Wednesday, July 26, 2006

The Trustee Model and the Federal Labor Party

Understanding the Australian system of government as run on the lines of a Trustee Model also explains why Federal Labor can gain no traction.

Labor, as near as I can tell, is focused entirely on trying to win voters by offering up what they hope are voter-friendly policies. Wrong approach. Completely wrong. What they ought to be doing is convincing the voting public that their judgement on all issues is the one to trust.

I don't know how the voting public perceives Labor's system of decision-making, but I know how I perceive it: it looks to me like any particular policy is ground out almost at random by an unaccountable and faceless bureaucratic machine that is at war with itself. Policy can and does change based on nothing more than whichever faction has managed to seize control of the backroom at any given time. That doesn't sound like any kind of political party that I'd entrust with the task of government.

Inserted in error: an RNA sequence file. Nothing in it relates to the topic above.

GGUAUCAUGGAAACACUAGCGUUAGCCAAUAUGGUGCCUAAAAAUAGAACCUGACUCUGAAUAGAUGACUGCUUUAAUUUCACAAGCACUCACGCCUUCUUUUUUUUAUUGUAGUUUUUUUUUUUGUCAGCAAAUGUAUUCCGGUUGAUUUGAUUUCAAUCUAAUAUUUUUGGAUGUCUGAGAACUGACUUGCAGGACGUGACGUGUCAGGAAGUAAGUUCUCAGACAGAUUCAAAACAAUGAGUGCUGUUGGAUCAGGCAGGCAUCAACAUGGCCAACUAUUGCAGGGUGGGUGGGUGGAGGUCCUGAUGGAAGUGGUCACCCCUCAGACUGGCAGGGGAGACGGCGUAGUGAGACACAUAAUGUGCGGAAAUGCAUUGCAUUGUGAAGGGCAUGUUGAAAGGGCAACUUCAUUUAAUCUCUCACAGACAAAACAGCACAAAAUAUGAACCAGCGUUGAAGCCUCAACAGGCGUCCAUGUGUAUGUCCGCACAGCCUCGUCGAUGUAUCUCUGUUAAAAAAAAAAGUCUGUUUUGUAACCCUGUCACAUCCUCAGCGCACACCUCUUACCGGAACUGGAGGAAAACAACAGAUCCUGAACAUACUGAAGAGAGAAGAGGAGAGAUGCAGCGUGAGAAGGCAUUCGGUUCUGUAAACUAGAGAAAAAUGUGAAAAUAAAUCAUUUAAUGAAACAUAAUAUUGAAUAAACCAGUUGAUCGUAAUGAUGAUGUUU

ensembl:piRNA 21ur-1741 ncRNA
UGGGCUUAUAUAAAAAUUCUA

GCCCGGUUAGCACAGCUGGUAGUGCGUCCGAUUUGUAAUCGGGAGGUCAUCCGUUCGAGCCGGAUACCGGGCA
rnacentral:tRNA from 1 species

In addition, trying to win votes through present policy doesn't take into account that the voters are considering future policy as well. We live in uncertain times, and a key consideration in any voters' mind I believe is whether their government will be able to weather a completely unexpected (and, perhaps, highly destructive) event effectively. The Labor Party machine offers no comfort on that score.

To win government, the Labor party should stop focusing on presenting policy, and start focusing on actually being able to make effective decisions. That's the first step. Once that's done, they can start thinking about presenting their decision-making capacity as the one that the voting public should entrust with government.

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